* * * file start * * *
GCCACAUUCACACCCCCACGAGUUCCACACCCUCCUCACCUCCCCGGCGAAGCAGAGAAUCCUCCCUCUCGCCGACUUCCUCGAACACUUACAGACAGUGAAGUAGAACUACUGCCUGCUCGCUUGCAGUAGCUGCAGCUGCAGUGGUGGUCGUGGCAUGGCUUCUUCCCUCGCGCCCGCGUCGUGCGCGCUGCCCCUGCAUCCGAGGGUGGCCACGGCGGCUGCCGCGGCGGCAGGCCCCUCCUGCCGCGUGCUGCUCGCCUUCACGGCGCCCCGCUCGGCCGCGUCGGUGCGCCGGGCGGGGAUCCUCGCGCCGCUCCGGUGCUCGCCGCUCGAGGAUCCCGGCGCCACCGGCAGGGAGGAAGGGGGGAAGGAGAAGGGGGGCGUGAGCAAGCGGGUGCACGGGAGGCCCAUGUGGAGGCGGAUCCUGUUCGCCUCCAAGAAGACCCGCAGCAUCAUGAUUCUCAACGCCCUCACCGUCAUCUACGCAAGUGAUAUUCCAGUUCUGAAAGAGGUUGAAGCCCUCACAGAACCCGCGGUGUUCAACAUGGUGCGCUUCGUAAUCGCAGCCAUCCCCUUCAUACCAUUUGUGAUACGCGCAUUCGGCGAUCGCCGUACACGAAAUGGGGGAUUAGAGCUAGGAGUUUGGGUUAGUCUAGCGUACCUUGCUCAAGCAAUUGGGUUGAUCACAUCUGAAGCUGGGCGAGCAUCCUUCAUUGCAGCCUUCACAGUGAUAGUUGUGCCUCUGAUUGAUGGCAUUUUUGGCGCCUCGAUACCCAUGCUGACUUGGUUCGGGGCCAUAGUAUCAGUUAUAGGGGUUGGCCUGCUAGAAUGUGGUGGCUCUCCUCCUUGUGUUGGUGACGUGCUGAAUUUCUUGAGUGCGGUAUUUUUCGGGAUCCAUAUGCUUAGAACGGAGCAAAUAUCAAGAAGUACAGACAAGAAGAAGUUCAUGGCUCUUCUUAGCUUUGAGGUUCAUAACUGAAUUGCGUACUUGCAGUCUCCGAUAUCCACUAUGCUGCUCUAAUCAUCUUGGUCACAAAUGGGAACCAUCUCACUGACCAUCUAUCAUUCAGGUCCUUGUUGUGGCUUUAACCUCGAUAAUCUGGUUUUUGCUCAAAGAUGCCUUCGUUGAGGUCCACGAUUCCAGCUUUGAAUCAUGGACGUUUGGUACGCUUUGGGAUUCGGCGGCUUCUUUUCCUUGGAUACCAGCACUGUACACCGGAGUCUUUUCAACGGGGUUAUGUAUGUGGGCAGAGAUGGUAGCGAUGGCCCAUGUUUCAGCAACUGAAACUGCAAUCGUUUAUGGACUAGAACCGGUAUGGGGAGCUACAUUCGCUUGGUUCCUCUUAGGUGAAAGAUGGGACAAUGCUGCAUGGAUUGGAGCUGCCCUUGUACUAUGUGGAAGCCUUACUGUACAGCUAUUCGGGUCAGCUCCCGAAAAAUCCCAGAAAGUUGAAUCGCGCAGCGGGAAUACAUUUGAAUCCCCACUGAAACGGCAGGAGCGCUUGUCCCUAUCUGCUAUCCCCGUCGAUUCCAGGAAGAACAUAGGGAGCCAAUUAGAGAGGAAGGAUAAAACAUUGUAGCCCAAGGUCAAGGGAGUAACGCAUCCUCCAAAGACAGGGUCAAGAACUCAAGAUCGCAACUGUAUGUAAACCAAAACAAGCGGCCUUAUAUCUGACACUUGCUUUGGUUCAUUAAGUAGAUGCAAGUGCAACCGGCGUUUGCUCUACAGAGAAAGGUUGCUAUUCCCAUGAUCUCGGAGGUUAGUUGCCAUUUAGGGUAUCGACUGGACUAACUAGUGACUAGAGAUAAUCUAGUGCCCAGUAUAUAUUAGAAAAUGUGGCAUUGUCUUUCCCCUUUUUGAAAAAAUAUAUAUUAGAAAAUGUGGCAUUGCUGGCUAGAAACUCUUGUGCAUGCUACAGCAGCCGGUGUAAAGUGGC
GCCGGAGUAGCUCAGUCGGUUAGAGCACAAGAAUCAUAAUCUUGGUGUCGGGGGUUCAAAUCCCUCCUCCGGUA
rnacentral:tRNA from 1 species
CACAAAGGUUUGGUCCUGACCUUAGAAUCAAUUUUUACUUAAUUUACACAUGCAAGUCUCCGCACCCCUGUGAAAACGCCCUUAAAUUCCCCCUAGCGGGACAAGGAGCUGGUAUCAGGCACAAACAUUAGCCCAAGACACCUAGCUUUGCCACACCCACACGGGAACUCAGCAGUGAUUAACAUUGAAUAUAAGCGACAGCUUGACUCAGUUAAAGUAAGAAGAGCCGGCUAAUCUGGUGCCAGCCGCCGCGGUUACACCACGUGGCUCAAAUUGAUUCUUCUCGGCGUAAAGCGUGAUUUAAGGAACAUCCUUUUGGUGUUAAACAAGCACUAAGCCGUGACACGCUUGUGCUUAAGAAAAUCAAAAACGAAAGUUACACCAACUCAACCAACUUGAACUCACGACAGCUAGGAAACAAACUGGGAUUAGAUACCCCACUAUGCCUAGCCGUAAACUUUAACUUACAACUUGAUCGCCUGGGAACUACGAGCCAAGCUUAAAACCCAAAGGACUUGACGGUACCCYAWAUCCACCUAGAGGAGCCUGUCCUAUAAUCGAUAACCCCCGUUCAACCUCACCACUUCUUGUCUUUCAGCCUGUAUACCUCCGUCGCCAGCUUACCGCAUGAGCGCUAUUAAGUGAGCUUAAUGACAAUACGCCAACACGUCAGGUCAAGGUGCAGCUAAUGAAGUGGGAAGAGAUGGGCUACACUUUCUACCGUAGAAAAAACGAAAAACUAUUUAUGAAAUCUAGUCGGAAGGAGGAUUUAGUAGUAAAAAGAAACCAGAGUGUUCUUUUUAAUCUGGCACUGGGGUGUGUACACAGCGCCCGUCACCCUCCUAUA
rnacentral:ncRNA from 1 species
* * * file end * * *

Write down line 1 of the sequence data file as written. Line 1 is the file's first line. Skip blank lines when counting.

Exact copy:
GCCACAUUCACACCCCCACGAGUUCCACACCCUCCUCACCUCCCCGGCGAAGCAGAGAAUCCUCCCUCUCGCCGACUUCCUCGAACACUUACAGACAGUGAAGUAGAACUACUGCCUGCUCGCUUGCAGUAGCUGCAGCUGCAGUGGUGGUCGUGGCAUGGCUUCUUCCCUCGCGCCCGCGUCGUGCGCGCUGCCCCUGCAUCCGAGGGUGGCCACGGCGGCUGCCGCGGCGGCAGGCCCCUCCUGCCGCGUGCUGCUCGCCUUCACGGCGCCCCGCUCGGCCGCGUCGGUGCGCCGGGCGGGGAUCCUCGCGCCGCUCCGGUGCUCGCCGCUCGAGGAUCCCGGCGCCACCGGCAGGGAGGAAGGGGGGAAGGAGAAGGGGGGCGUGAGCAAGCGGGUGCACGGGAGGCCCAUGUGGAGGCGGAUCCUGUUCGCCUCCAAGAAGACCCGCAGCAUCAUGAUUCUCAACGCCCUCACCGUCAUCUACGCAAGUGAUAUUCCAGUUCUGAAAGAGGUUGAAGCCCUCACAGAACCCGCGGUGUUCAACAUGGUGCGCUUCGUAAUCGCAGCCAUCCCCUUCAUACCAUUUGUGAUACGCGCAUUCGGCGAUCGCCGUACACGAAAUGGGGGAUUAGAGCUAGGAGUUUGGGUUAGUCUAGCGUACCUUGCUCAAGCAAUUGGGUUGAUCACAUCUGAAGCUGGGCGAGCAUCCUUCAUUGCAGCCUUCACAGUGAUAGUUGUGCCUCUGAUUGAUGGCAUUUUUGGCGCCUCGAUACCCAUGCUGACUUGGUUCGGGGCCAUAGUAUCAGUUAUAGGGGUUGGCCUGCUAGAAUGUGGUGGCUCUCCUCCUUGUGUUGGUGACGUGCUGAAUUUCUUGAGUGCGGUAUUUUUCGGGAUCCAUAUGCUUAGAACGGAGCAAAUAUCAAGAAGUACAGACAAGAAGAAGUUCAUGGCUCUUCUUAGCUUUGAGGUUCAUAACUGAAUUGCGUACUUGCAGUCUCCGAUAUCCACUAUGCUGCUCUAAUCAUCUUGGUCACAAAUGGGAACCAUCUCACUGACCAUCUAUCAUUCAGGUCCUUGUUGUGGCUUUAACCUCGAUAAUCUGGUUUUUGCUCAAAGAUGCCUUCGUUGAGGUCCACGAUUCCAGCUUUGAAUCAUGGACGUUUGGUACGCUUUGGGAUUCGGCGGCUUCUUUUCCUUGGAUACCAGCACUGUACACCGGAGUCUUUUCAACGGGGUUAUGUAUGUGGGCAGAGAUGGUAGCGAUGGCCCAUGUUUCAGCAACUGAAACUGCAAUCGUUUAUGGACUAGAACCGGUAUGGGGAGCUACAUUCGCUUGGUUCCUCUUAGGUGAAAGAUGGGACAAUGCUGCAUGGAUUGGAGCUGCCCUUGUACUAUGUGGAAGCCUUACUGUACAGCUAUUCGGGUCAGCUCCCGAAAAAUCCCAGAAAGUUGAAUCGCGCAGCGGGAAUACAUUUGAAUCCCCACUGAAACGGCAGGAGCGCUUGUCCCUAUCUGCUAUCCCCGUCGAUUCCAGGAAGAACAUAGGGAGCCAAUUAGAGAGGAAGGAUAAAACAUUGUAGCCCAAGGUCAAGGGAGUAACGCAUCCUCCAAAGACAGGGUCAAGAACUCAAGAUCGCAACUGUAUGUAAACCAAAACAAGCGGCCUUAUAUCUGACACUUGCUUUGGUUCAUUAAGUAGAUGCAAGUGCAACCGGCGUUUGCUCUACAGAGAAAGGUUGCUAUUCCCAUGAUCUCGGAGGUUAGUUGCCAUUUAGGGUAUCGACUGGACUAACUAGUGACUAGAGAUAAUCUAGUGCCCAGUAUAUAUUAGAAAAUGUGGCAUUGUCUUUCCCCUUUUUGAAAAAAUAUAUAUUAGAAAAUGUGGCAUUGCUGGCUAGAAACUCUUGUGCAUGCUACAGCAGCCGGUGUAAAGUGGC